Spotlight on Exotic Pets: How about a Lizard?
Spotlight on Exotic Pets: How about a Lizard?
By Sarah Liu
So you want a pet, but cats, dogs, guinea pigs, birds – they just aren’t the right fit? The apartment is too small? The maintenance is too much? You’re allergic? Just not interested in bunnies or puppies? These are all legitimate roadblocks in the journey of traditional pet ownership.
But there are still interesting options. Exotic options!
Keeping a pet lizard offers several advantages over traditional mammal or bird companions. For example, reptiles in general are relatively low maintenance. Pet lizards don’t require the same level of attention as a cat or dog. They can be left alone longer than more traditional pets, and are great for vacationers or families who work out of town or long hours. Conveniently, there are no litter boxes, daily walks, or grooming. Most lizards don’t eat every day, and when they do, it’s an easy and interesting event with crickets or fruits and vegetables.
Most pet variety lizards don’t take up much space. Enclosure habitats will depend on the size of your pet, but many species are comfortable in a ten or twenty gallon sized terrarium. They also don’t have the exercise needs of a cat or dog and are virtually silent, making them perfect for a quiet household. On top of all that, lizards, and reptiles in general, don’t come with the fur and feathers that make other pets unwelcome in families with allergies. Though best discussed with your doctor, lizards can be an interesting and enriching non-allergenic alternative for families who want a pet, but can’t tolerate feathers, dander, or fur.
But before you go out and buy your lizard, it’s important to be aware of potential drawbacks. Significantly, lizards, like other reptiles, do not crave the attention that cats, dogs, or some birds do, and won’t provide the warm and cuddly experience that many pet owners desire. Though some lizard owners report that their pets enjoy interaction, most reptiles are highly independent, and will go about their day without much concern for what you’re doing in yours. And while there is no litter box, the lizard’s habitat will still require regular cleaning.
Moreover, while lizards are low maintenance in terms of attention and ongoing care, they do come with some initial set up costs and concerns. For example, lizards are cold blooded and will require specific configurations for providing light, heat, and humidity. Special equipment may be required, such as water filters or hygrometers, to ensure optimum care for your new companion. Your local pet store can provide you with advice and equipment, but a prospective owner should take ample time to set up a proper habitat well in advance of acquiring the pet lizard.
Additionally, many traditional veterinarians do not provide care for exotic pets. This includes lizards and other reptiles. Before acquiring your lizard, make sure you touch base with your current vet, or research your community for exotic pet practitioners who can assist you in caring for your new friend. It’s a great practice to call ahead, before acquiring any new pet, for tips and recommendations related to optimum preparation and care of your future companion.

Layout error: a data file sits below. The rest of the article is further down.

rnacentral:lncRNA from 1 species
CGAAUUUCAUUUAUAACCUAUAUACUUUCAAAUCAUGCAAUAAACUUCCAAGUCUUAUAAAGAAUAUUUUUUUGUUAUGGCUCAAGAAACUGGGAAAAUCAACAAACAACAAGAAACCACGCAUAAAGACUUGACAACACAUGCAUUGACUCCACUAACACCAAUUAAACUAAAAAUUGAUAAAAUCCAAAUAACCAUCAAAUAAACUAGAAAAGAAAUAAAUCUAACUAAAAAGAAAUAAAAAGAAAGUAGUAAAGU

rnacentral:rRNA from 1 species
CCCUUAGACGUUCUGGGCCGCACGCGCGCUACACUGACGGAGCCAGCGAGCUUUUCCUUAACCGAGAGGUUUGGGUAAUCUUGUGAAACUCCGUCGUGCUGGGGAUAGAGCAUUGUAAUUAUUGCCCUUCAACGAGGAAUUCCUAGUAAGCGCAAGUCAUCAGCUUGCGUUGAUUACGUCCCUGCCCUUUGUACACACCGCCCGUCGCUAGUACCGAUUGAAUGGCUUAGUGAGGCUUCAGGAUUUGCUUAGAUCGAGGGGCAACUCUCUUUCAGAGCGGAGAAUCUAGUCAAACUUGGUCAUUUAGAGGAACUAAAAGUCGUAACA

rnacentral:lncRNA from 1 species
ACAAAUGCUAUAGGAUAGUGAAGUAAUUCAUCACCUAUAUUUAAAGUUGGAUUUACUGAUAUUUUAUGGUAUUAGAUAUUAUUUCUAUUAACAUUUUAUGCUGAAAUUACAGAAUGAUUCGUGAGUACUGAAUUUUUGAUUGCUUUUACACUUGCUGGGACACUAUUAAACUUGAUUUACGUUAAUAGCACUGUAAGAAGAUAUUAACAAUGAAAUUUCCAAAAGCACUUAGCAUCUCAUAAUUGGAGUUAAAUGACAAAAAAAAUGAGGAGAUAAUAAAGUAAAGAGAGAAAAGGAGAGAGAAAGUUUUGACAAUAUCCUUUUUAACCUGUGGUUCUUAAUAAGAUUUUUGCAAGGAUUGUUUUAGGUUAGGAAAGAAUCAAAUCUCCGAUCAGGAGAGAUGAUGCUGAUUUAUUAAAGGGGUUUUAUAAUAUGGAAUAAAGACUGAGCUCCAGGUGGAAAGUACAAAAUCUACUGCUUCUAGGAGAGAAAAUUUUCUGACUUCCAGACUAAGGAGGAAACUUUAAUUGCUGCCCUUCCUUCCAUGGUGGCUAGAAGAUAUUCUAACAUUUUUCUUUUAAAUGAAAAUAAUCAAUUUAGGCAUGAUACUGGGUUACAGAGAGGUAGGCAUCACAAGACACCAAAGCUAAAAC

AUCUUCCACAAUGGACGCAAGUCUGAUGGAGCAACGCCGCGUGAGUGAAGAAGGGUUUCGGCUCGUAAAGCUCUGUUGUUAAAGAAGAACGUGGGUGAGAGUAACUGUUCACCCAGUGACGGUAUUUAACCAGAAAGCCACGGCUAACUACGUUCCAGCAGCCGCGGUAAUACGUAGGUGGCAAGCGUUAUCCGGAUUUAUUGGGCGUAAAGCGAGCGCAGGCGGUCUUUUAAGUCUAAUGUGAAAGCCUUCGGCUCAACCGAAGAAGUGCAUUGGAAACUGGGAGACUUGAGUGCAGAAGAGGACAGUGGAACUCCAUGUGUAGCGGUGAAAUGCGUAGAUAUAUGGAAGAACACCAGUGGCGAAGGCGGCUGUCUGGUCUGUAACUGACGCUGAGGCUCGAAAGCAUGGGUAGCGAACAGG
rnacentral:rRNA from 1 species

Finally, though generally non-allergenic in terms of fur, feathers, and dander, reptiles can pose other health risks such as salmonella bacteria, or other zoonotic diseases involving fungi, viruses, or parasites. While these issues can be prevented with proper hygiene, it’s always best to discuss concerns with your doctor before acquiring your new pet, especially in families with young children.
So, now that we know some pros and cons, what are some great lizards for beginners? According to Reptiles Magazine, good choices for beginners and children include bearded dragons, water dragons, anoles, and certain types of geckos (particularly leopard and crested). Interestingly, Margaret A Wissman, D.V.M., writing for Reptiles Magazine, does not recommend the green iguana as a starter pet. The United States Humane Society also cautions against keeping iguanas as pets. Though readily available in the pet trade, green iguanas can grow to be very large, require spacious accommodation to thrive, and can become aggressive. By contrast, bearded dragons – native to Australia – don’t get too large (16 to 24 inches), eat a variety of foods, are inexpensive, hearty, and gentle. Likewise, the green anole – native to the southern U.S. – is a small but beautiful lime green lizard (4-6 inches), very affordable, widely available, and agile but easily handled. Leopard geckos – native to Asia – are small to medium sized nocturnal lizards (8-10 inches long), with several color and pattern variations, generally docile and easier to tame, and happy to live in a 15-20 gallon tank with one or two roommates.
The above are just a few species potentially available to an individual or family interested in keeping a lizard. However, as with any pet, the best approach is careful research to ensure a good fit between your lifestyle and the habits and needs of your prospective lizard companion. Find a veterinarian who treats reptiles, and ask which species he or she recommends and why. Ask about common ailments and associated health care costs, so you aren’t taken by surprise when something goes wrong. Research your local pet stores to make sure your companion is captive bred and hand reared vs. wild caught. Find out as much as you can about the lizard’s history, habits, and health. Finally, consider consulting your local shelter organizations for adoptable lizards and other reptiles. Just as with other pets, many reptiles are surrendered through no fault of their own and looking for a second chance.
Most of all, have fun, and be safe!